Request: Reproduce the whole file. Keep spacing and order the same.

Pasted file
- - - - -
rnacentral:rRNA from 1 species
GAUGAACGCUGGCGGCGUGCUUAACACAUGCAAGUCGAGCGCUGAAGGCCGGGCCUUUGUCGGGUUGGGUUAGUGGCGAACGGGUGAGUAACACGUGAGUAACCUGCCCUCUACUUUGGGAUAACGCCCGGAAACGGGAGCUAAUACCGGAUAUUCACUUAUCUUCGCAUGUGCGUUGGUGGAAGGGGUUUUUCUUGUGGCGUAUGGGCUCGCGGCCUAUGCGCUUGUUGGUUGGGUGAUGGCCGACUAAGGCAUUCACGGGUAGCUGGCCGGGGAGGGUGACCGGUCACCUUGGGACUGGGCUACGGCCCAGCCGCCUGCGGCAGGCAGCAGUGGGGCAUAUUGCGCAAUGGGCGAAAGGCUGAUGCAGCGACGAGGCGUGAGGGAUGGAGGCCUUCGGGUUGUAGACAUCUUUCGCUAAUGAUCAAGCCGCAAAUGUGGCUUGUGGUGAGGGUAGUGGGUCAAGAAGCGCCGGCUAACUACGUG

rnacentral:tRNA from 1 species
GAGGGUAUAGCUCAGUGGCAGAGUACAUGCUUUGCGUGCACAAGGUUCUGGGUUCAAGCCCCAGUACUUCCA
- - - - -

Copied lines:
rnacentral:rRNA from 1 species
GAUGAACGCUGGCGGCGUGCUUAACACAUGCAAGUCGAGCGCUGAAGGCCGGGCCUUUGUCGGGUUGGGUUAGUGGCGAACGGGUGAGUAACACGUGAGUAACCUGCCCUCUACUUUGGGAUAACGCCCGGAAACGGGAGCUAAUACCGGAUAUUCACUUAUCUUCGCAUGUGCGUUGGUGGAAGGGGUUUUUCUUGUGGCGUAUGGGCUCGCGGCCUAUGCGCUUGUUGGUUGGGUGAUGGCCGACUAAGGCAUUCACGGGUAGCUGGCCGGGGAGGGUGACCGGUCACCUUGGGACUGGGCUACGGCCCAGCCGCCUGCGGCAGGCAGCAGUGGGGCAUAUUGCGCAAUGGGCGAAAGGCUGAUGCAGCGACGAGGCGUGAGGGAUGGAGGCCUUCGGGUUGUAGACAUCUUUCGCUAAUGAUCAAGCCGCAAAUGUGGCUUGUGGUGAGGGUAGUGGGUCAAGAAGCGCCGGCUAACUACGUG

rnacentral:tRNA from 1 species
GAGGGUAUAGCUCAGUGGCAGAGUACAUGCUUUGCGUGCACAAGGUUCUGGGUUCAAGCCCCAGUACUUCCA